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The world as we know it has fundamentally changed. Children as young as two know how to navigate a tablet and having a phone in primary school is now the social norm. Distraction and disengagement in the classroom is at an all time high and it has become even more difficult to motivate students, who like many of us, struggle to resist the temptation of browsing through their phones. However, where there’s a will, there’s a way! If you’ve noticed some students aren’t paying attention, here’s 10 easy tips you can implement to put life back into your lessons and motivate pupils to keep pushing…

Give assignments that are fun – Set projects that are fun but relevant. Perhaps they could write their own raps to reflect what they’ve learnt when studying Shakespeare. Pupils can even produce their own short story during creative writing or create their own website and post important information regarding the lesson, that they can later refer to for revision and homework.

Use a variety of learning styles in class – Adapt different learning styles in your classroom in order to cater to the needs of every student. Notice the methods you use when students begin to disengage and make note of them to see if you can recognise a pattern.

Competition, games and challenges – Test your students in fun ways. Use games and competitions to see what the students have understood and what they haven’t. It could be as simple as throwing a ball to students at the end of the lesson and asking quick fire questions. Prompt them to repeat the process and ask there own questions to other classmates. This is an easy way to observe how well pupils are doing and determine what to focus on.

Rewards – Reward students whenever they do well even if it is a sticker, a badge or even being allowed to listen to their own music. If the whole class performs well in a test or grades are up, treat them to a film or have a small class party with lots of food to show that you appreciate the effort. It shows students that good behaviour and hard work doesn’t go unnoticed which in itself will continue to motivate them even more!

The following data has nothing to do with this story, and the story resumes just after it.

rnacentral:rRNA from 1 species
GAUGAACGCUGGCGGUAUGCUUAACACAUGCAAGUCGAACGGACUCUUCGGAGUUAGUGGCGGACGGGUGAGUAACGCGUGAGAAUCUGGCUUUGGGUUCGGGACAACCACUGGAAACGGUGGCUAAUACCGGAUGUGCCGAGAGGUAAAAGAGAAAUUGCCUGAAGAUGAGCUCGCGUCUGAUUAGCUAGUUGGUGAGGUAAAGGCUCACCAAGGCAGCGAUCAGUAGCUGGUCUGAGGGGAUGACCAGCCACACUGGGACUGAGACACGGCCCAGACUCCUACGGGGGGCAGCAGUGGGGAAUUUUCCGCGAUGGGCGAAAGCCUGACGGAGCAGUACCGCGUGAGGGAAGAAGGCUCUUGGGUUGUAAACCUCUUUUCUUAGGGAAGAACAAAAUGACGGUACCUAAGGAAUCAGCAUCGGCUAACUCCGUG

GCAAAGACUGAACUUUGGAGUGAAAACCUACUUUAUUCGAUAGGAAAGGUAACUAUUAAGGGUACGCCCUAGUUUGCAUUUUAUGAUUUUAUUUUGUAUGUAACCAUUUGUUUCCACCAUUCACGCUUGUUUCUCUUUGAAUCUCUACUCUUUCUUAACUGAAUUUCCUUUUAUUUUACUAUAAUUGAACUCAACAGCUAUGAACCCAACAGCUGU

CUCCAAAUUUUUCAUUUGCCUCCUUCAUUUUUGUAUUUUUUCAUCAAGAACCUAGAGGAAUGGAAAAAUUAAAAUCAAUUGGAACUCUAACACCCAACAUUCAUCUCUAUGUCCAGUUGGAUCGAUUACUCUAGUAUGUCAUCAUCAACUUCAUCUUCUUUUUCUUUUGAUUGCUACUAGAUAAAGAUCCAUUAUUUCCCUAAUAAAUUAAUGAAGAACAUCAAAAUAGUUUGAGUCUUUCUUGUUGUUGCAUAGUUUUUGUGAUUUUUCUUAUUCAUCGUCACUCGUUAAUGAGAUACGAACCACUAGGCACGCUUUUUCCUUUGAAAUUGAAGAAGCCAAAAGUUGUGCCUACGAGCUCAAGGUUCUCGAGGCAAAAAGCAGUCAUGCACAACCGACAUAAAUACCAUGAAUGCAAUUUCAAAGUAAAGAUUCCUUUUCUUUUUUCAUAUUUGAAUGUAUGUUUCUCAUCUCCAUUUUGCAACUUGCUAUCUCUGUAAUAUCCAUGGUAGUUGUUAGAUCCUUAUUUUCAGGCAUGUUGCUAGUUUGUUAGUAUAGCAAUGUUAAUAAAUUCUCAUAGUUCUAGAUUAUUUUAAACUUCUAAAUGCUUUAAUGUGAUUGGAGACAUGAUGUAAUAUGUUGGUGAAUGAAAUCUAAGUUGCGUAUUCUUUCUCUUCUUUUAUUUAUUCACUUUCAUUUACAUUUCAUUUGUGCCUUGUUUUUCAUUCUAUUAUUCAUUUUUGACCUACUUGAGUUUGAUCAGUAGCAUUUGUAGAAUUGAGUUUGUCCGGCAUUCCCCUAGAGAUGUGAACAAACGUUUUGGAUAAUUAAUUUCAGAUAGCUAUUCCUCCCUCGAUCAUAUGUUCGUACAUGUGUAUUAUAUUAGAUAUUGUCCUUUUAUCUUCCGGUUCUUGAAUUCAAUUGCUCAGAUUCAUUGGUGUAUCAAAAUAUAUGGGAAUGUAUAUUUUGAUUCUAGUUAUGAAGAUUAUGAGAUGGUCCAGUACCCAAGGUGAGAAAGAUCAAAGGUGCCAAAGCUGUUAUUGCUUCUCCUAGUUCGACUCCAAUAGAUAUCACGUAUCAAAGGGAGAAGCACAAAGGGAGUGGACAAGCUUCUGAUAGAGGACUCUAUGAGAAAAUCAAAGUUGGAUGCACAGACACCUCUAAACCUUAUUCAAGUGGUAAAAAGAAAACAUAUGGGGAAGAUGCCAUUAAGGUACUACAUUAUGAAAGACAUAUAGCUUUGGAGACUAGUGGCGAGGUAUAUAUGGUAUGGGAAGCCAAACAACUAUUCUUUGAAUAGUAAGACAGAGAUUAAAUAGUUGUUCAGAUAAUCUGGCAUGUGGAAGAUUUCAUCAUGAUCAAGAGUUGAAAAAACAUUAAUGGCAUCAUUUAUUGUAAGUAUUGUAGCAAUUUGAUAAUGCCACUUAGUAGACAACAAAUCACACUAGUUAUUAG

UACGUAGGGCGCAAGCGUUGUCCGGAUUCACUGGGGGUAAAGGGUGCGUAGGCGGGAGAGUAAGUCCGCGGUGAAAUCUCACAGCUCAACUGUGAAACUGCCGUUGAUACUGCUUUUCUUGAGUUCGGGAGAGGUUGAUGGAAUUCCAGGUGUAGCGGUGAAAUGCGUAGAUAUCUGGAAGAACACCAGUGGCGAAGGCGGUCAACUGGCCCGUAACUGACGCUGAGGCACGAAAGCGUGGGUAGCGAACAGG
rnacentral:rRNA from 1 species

Encourage students – It’s integral to focus on what they are doing well but remember that bad behaviour must always have negative consequences also. However, once you have ensured that your pupil understands what they did wrong, use scenarios to persuade them not to do it again.

Draw connections to real life – A common thing a teacher may hear is “how is this going to help me in real life?”. This is your opportunity to draw inspiration from the every day and insert it into your teaching methods. For example, when doing maths you could ask those who love sports to calculate the diameter of a pitch etc. This can help students find the topic more relatable.

Fun Fridays – If the class has been good all week give them a choice of what activities they would like to do on Friday that are related to the topic and let them run the lesson (within reason!).

Be energetic – It is important to show your passion and let your students see why you love the subject you teach in the first place. Remember why you fell in love with it and this will transpire in your teaching and hopefully, create some concentrating converts!

Recognise strengths and weaknesses – Pay close attention to what your students are good at and what they are not so good at. Reward their strengths and strengthen their weaknesses.

Varying environment – Change it up. Take your students on field trips to the local library or to the local museum. If budgets are a little tight, not to worry! Just take your regular lesson outdoors! Why you ask? We’ll tell you here.